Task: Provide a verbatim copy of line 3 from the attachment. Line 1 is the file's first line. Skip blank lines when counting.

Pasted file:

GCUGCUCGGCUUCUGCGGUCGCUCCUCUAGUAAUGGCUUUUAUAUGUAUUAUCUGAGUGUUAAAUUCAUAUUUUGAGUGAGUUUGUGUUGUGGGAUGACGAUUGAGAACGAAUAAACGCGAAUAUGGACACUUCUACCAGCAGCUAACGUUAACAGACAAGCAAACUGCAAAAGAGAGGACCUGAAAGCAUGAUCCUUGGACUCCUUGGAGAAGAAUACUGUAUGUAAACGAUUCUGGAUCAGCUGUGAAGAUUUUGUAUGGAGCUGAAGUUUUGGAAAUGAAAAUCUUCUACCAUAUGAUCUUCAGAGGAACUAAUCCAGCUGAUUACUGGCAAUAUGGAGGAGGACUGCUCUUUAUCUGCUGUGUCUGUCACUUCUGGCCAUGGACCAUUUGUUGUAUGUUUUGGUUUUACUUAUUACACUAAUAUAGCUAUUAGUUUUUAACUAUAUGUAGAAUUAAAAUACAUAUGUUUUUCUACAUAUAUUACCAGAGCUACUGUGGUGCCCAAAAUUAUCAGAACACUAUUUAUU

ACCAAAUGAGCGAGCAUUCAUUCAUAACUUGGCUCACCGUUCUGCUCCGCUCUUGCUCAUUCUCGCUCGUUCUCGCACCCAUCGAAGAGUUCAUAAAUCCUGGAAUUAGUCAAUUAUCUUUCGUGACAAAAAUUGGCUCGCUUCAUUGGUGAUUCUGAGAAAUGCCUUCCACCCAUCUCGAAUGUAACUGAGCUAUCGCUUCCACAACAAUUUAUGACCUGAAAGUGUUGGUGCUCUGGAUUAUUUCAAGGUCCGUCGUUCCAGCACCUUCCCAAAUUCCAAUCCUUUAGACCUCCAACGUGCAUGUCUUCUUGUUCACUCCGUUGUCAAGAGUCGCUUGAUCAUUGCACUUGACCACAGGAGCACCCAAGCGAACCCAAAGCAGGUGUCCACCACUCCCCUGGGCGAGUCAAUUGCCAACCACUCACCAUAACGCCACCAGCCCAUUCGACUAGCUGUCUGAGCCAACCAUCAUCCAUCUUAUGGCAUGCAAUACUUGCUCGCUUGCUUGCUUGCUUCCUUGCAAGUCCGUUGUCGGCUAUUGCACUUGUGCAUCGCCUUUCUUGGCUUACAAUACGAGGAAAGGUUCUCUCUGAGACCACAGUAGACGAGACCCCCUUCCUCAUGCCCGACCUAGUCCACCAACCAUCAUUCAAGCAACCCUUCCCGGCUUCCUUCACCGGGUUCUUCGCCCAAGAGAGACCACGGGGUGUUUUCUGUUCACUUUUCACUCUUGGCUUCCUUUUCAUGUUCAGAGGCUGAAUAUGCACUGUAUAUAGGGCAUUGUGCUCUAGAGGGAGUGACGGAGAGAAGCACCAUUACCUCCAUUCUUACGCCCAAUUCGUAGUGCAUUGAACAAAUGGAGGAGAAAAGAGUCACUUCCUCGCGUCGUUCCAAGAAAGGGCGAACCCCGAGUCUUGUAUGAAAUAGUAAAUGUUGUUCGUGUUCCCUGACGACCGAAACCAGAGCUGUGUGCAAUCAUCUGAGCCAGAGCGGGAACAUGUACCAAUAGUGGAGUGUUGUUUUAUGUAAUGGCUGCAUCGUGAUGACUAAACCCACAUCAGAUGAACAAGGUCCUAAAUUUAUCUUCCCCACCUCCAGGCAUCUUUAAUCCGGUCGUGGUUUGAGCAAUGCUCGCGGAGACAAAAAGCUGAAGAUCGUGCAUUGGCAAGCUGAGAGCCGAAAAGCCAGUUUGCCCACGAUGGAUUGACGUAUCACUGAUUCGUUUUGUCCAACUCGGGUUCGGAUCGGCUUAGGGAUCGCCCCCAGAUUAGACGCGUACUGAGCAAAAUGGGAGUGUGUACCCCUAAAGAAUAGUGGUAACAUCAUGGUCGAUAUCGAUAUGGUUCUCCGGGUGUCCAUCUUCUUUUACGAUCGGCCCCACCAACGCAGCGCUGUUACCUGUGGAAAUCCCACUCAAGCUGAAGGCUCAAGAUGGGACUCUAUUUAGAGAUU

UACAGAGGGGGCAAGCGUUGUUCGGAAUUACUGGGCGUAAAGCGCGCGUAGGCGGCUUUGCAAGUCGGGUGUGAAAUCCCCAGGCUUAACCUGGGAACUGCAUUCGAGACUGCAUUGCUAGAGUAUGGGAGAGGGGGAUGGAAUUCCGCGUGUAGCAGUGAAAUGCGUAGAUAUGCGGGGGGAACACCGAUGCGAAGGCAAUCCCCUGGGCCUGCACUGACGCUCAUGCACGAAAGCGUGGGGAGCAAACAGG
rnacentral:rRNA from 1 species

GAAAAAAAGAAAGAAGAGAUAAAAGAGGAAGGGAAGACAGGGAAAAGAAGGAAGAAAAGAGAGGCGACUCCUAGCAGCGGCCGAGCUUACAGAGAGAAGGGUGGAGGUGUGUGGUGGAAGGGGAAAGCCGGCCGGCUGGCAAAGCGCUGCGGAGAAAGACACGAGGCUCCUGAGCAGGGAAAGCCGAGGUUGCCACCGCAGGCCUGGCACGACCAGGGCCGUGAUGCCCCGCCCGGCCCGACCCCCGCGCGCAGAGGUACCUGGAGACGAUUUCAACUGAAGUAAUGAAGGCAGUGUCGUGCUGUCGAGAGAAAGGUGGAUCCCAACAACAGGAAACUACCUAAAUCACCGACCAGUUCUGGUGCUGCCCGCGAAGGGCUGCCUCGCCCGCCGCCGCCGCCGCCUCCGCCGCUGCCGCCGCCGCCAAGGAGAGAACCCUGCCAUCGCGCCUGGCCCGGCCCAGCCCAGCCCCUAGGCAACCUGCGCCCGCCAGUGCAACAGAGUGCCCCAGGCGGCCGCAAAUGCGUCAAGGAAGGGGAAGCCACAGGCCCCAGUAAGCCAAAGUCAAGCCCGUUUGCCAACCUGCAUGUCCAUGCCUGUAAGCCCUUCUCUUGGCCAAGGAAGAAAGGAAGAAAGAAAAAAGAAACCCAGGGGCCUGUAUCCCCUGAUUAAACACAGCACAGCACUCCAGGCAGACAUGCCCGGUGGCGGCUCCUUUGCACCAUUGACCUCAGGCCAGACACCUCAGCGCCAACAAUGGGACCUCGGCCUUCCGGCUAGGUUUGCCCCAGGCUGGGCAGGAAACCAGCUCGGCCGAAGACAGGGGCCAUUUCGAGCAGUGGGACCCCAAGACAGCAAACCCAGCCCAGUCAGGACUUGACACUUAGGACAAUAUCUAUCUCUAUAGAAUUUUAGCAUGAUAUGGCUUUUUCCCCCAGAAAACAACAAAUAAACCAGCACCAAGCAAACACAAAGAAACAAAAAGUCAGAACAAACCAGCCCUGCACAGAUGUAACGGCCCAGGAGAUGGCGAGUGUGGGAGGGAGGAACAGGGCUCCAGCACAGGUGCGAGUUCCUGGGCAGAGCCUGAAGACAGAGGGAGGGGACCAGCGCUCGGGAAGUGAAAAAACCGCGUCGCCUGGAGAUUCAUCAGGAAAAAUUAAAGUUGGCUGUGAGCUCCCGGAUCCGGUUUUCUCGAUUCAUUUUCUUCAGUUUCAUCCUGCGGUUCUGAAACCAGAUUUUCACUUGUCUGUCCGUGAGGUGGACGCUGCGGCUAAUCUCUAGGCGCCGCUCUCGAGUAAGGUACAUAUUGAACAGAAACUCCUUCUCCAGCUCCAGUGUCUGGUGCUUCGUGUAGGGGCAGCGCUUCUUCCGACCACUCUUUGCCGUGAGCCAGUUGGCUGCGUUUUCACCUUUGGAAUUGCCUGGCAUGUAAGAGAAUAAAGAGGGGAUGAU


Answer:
UACAGAGGGGGCAAGCGUUGUUCGGAAUUACUGGGCGUAAAGCGCGCGUAGGCGGCUUUGCAAGUCGGGUGUGAAAUCCCCAGGCUUAACCUGGGAACUGCAUUCGAGACUGCAUUGCUAGAGUAUGGGAGAGGGGGAUGGAAUUCCGCGUGUAGCAGUGAAAUGCGUAGAUAUGCGGGGGGAACACCGAUGCGAAGGCAAUCCCCUGGGCCUGCACUGACGCUCAUGCACGAAAGCGUGGGGAGCAAACAGG